Dark Horizons has an interview posted with Adam Garcia, who stars in the Christmas special. "Chatting with some grunt from Showtime Australia during the announcements of the iF award nominations, the actor confirmed his taking part and speaks highly of the new Doctor David Tennant - 'He is amazing and his dream as an actor was to play Dr Who and then when it was not happening, he was really disappointed but he was like "I'm still gonna become an actor". Now he actually gets to live his dream and he is marvelous, he really is exceptional'. He continued about his love for the new show: 'I have been a fan of Dr Who since I was (obviously) little and at the read throughs -you know just getting to read the scripts is amazing because they keep them all secret - you get told you're doing it and then you go "Oh! This is what I am doing!" And then you spend a lot of time looking at walls going "They're coming straight for me!" pretending things.'" Dark Horizons also mentions our coverage of the Charlotte Church rumors and other casting information.
Anthony Stewart Head appeared on the Jonathan Ross show on BBC Radio over the weekend. Head was full of praise for David Tennant, who he said was naturally "quirky" and a really nice person to work with. He implied he's playing a school teacher who is not nice, but not necessarily the villain. There was talk about how the old K9 prop still had problems, which Jonathan later compared to Fiona Philips' dancing. Also later in the show, they talked about the toy Daleks.
BBC Radio Cornwall recently reported an actor named Spencer Hawken would be appearing in the second series, possibly as "an evil Time Lord" in two episodes. The rumor mill notes that "by the end of the second story the character, named John, is not as he should be..." There's no word about whether this is credible or simply a publicity item.
According to the Serendipity website, toy manufacturer Character Options has announced a new set of Doctor Who figures and toys for release next year. The announcement, made at this week's Brand Licensing Expo, noted that the sets will include the Tenth Doctor in long overcoat (plus sonic screwdriver); Rose and K9; "Intergalactic Warlord", the Sycorax (complete with two weapons); the Lady Cassandra and Moxx of Balhoon; Slitheen action figure, with extendable claws; and the Tenth Doctor and radio-controlled K9 double pack. There will also be a TARDIS console room playset, including "six buttons control ten sound effects, plus chair, hat stand and lift-out access panels in the floor to reveal the TARDIS mechanisms and circuitry." The figures are said to be in the 5" size to tie in with the already released Dalek figure from this year.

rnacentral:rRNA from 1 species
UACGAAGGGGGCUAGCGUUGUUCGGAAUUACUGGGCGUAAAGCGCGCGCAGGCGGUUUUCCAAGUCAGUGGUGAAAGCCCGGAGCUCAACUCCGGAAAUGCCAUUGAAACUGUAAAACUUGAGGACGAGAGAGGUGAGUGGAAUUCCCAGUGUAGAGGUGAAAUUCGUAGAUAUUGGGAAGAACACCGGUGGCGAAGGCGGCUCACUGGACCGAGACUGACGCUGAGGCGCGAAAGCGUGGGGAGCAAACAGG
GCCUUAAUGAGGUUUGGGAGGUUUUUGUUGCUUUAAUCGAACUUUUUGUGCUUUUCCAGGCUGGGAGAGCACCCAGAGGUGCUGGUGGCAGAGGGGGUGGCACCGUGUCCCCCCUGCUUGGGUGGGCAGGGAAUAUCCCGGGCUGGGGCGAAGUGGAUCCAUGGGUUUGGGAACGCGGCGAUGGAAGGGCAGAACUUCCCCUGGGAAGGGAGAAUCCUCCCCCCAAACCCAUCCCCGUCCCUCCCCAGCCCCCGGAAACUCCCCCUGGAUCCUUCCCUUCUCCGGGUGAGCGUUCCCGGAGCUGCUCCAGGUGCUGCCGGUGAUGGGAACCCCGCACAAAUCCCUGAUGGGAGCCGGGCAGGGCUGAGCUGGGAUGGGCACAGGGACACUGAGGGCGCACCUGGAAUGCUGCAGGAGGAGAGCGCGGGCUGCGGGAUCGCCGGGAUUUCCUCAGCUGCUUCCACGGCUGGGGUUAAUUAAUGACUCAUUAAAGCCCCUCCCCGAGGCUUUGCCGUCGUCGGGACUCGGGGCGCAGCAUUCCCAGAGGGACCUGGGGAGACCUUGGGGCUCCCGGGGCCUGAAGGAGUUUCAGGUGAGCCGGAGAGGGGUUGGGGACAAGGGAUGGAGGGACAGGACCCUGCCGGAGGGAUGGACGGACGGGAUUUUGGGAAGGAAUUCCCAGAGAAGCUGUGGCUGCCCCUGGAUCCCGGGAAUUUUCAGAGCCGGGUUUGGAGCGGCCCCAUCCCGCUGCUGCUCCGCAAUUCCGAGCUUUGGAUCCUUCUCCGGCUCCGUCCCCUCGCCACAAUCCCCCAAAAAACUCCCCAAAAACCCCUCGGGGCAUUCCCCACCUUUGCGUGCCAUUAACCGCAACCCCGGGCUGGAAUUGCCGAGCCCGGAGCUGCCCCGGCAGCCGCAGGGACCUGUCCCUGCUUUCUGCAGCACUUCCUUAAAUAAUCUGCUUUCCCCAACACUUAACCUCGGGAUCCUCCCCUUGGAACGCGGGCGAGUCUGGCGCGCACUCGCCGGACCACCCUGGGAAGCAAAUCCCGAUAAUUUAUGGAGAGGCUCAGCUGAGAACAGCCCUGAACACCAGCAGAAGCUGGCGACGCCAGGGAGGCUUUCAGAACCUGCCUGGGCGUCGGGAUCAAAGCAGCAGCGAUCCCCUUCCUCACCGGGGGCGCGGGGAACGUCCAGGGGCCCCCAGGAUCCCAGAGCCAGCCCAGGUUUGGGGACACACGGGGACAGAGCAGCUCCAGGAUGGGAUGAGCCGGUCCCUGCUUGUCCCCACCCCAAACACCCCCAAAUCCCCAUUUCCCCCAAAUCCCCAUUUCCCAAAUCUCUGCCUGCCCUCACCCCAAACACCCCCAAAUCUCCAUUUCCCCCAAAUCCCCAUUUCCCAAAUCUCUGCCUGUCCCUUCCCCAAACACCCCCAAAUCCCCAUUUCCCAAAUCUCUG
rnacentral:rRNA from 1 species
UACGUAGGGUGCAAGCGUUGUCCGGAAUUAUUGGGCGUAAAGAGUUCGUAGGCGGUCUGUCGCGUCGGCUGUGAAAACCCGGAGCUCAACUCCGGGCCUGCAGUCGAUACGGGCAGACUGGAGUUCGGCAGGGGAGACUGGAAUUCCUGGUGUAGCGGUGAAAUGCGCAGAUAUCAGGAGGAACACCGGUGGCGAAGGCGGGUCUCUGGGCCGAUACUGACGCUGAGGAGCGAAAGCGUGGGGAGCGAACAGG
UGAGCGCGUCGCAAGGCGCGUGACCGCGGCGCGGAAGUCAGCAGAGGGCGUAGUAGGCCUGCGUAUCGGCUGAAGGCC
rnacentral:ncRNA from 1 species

Says the official Doctor Who site, David Tennant and Billie Piper will switch on the Christmas lights in Cardiff this year. "Santa has an early present for Cardiff-based Doctor Who fans this year. 17 November sees the Welsh capital's own Christmas Invasion as Billie Piper and David Tennant arrive to turn on the festive lights. Seasonal celebrations begin at 5.45, with the Red Hot Santas taking to the stage to play some Christmas favourites. The big switch on by the Doctor and Rose happens at 6.45, after which visitors can move on to the City Centre and shop until 8pm. Or they can get their skates on and head to the open-air ice rink at Cardiff's Winter Wonderland, which opens its doors to the public at 7.45pm."
According to the BBC Press Office, executive producer Russell T Davies will pen a special "Doctor Who" mini-episode to air during the BBC's Children in Need 2005 Appeal. According to the schedule, this mini-episode is slated to be part of the event on Friday, 18 November. There is currently no word on what it is comprised of, but rumors have already suggested it might be set between "The Parting of the Ways" and "The Christmas Invasion" and will feature David Tennant and Billie Piper. This would be the second standalone "Children in Need" Doctor Who segment to be broadcast, the first being 1993's "Dimensions in Time". We'll keep you posted with further details.